PRESQUE ISLE, Maine — The Presque Isle Historical Society will open a new local history museum Saturday in the renovated former Maysville Grange, a small, old building with a lot of stories to tell.
“This is a way to engage people in local history and really engage people in their community,” said Kim Smith, the Presque Isle Historical Society’s secretary/treasurer of the board. “We’re proud of what’s there.”
The free Maysville Museum is hosting a grand opening for the public on Saturday, July 1, from 10 a.m. to 2 p.m. — six years after the journey to create the museum started.
“For years, I drove by that building and it was falling apart,” Smith said. “I knew it had great historical significance and I was sad it was in such a state of disrepair.”
The Historical Society purchased the building in 2011 for $10,000, and over the last six years has invested more than $100,000 in donated money and in-kind contributions to create the Maysville Museum.
The Maysville building and site, located at the intersection of U.S. Route 1 and the Brewer Road, is well-suited as a local history museum, Smith said.
The town of Maysville was formed in 1828, the same year as the town of Fairbanks Mills, or what’s now Presque Isle, and the more populous Presque Isle annexed Maysville in 1883. The Maysville building was originally constructed in 1865, and through the years it served as the town hall, the school and the grange. It also experienced several major fires, including one in 1939 that destroyed it and forced the community to rebuild the current building.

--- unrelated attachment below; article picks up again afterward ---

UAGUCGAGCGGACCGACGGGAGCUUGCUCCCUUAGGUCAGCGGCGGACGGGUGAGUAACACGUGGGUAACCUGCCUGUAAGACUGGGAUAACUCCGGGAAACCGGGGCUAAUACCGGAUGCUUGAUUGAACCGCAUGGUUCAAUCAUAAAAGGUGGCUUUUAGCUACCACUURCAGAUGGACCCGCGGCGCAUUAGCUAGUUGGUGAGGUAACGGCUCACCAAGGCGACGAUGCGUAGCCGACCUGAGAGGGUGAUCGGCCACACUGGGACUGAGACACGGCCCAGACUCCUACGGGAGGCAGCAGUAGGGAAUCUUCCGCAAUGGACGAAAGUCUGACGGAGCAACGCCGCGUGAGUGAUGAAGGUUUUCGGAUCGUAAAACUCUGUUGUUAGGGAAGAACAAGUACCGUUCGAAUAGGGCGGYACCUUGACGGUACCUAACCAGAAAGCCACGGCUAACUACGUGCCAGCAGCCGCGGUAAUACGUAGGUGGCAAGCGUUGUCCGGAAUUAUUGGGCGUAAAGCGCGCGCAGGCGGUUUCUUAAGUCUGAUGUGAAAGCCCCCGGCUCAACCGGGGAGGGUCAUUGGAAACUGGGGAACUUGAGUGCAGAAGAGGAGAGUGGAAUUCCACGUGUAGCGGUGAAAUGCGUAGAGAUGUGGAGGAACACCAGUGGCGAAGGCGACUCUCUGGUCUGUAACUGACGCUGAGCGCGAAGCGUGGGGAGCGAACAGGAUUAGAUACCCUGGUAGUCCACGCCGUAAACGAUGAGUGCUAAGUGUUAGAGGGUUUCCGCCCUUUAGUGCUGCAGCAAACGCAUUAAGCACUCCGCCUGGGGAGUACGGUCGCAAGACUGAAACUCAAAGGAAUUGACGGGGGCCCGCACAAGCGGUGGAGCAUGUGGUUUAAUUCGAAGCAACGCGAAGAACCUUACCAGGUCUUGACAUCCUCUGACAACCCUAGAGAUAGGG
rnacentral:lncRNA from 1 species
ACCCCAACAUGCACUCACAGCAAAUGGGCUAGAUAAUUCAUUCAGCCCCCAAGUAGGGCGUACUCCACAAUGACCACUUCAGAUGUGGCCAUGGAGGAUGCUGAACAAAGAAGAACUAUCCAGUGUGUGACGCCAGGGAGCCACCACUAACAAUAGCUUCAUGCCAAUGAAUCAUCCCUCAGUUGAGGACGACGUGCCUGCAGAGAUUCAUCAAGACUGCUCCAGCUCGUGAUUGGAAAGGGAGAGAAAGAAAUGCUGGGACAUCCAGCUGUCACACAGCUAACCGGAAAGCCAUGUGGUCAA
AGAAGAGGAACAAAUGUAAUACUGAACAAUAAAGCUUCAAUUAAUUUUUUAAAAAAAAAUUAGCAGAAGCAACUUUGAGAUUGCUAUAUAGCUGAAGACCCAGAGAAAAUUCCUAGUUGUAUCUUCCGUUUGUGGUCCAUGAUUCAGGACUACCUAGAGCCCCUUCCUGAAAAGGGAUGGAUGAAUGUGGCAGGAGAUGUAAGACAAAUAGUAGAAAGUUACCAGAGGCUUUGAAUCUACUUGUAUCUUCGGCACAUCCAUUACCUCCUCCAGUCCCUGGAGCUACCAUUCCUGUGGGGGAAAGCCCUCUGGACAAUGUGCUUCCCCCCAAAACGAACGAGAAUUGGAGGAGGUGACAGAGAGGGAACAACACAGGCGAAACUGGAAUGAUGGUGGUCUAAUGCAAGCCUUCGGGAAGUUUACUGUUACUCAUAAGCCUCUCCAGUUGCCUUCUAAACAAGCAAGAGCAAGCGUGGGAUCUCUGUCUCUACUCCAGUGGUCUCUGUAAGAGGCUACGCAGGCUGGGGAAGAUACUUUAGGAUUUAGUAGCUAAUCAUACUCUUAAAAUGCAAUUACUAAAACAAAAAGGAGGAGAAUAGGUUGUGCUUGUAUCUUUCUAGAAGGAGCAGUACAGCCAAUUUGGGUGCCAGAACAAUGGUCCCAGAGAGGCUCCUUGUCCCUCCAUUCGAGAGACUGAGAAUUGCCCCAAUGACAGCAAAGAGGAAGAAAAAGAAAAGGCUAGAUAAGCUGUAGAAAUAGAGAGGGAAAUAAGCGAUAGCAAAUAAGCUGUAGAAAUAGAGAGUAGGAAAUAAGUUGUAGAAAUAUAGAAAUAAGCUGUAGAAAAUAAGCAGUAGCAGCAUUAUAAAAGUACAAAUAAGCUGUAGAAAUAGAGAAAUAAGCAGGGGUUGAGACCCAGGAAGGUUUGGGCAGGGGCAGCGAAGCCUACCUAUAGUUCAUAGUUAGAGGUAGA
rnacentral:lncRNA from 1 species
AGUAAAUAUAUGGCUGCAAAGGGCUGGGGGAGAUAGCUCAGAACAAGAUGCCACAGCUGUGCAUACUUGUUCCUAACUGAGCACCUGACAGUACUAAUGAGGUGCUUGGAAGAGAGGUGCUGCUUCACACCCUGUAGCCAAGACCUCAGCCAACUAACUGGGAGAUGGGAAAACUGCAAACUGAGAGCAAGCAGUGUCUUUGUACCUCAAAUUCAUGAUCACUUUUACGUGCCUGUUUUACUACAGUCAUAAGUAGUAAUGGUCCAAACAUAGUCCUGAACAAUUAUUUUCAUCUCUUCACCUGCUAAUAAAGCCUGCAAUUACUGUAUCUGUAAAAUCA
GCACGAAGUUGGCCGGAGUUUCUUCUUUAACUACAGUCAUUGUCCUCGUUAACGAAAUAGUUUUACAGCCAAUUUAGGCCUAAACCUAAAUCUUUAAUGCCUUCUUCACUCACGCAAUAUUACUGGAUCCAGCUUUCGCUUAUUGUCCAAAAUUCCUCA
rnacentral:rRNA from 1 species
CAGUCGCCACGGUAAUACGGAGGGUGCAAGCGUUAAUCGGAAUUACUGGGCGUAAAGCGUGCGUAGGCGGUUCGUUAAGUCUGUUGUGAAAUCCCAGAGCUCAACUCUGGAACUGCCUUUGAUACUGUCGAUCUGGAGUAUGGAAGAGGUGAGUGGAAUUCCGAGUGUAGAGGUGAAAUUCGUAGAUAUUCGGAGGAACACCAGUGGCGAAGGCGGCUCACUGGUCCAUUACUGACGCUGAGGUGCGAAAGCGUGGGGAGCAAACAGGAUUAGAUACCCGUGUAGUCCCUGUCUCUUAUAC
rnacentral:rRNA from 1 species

Until 1949, the building hosted the Maysville Centre School and then the Grange until the late 1980s, when the city of Presque Isle purchased it. The city later sold the building to a private individual in 1996, although it remained largely empty and unused until the Historical Society came along.
Smith said the museum will have four “cornerstone exhibits” on the topics of the Aroostook War, Presque Isle and the Civil War, agriculture and Presque Isle’s rural one-room schoolhouses. These and several smaller exhibits include “interactive pieces, things for people to move and touch,” Smith said.
Among the exhibits are the story of Arnold’s cow, a bovine hostage in the Aroostook War, the “bloodless” dispute between the U.S. and Great Britain that led to the siting of northern Maine’s border with New Brunswick in 1842. The Historical Society has applied to the National Park Service to recognize the Maysville property as a National Historic Site related to the Aroostook War.
Smith said historical society members are looking forward to opening the doors to the museum and welcoming locals and passers-by.
She added they also welcome volunteers who may be interested in helping staff the museum to keep it open April through October, Monday-Saturday from 10 a.m. to 2 p.m.
Down the line, the society envisons further improvements to the property that would allow it to remain open year-round, Smith said. The aim is to raise about $120,000 to install a well, septic system and disability-compliant bathroom, she said.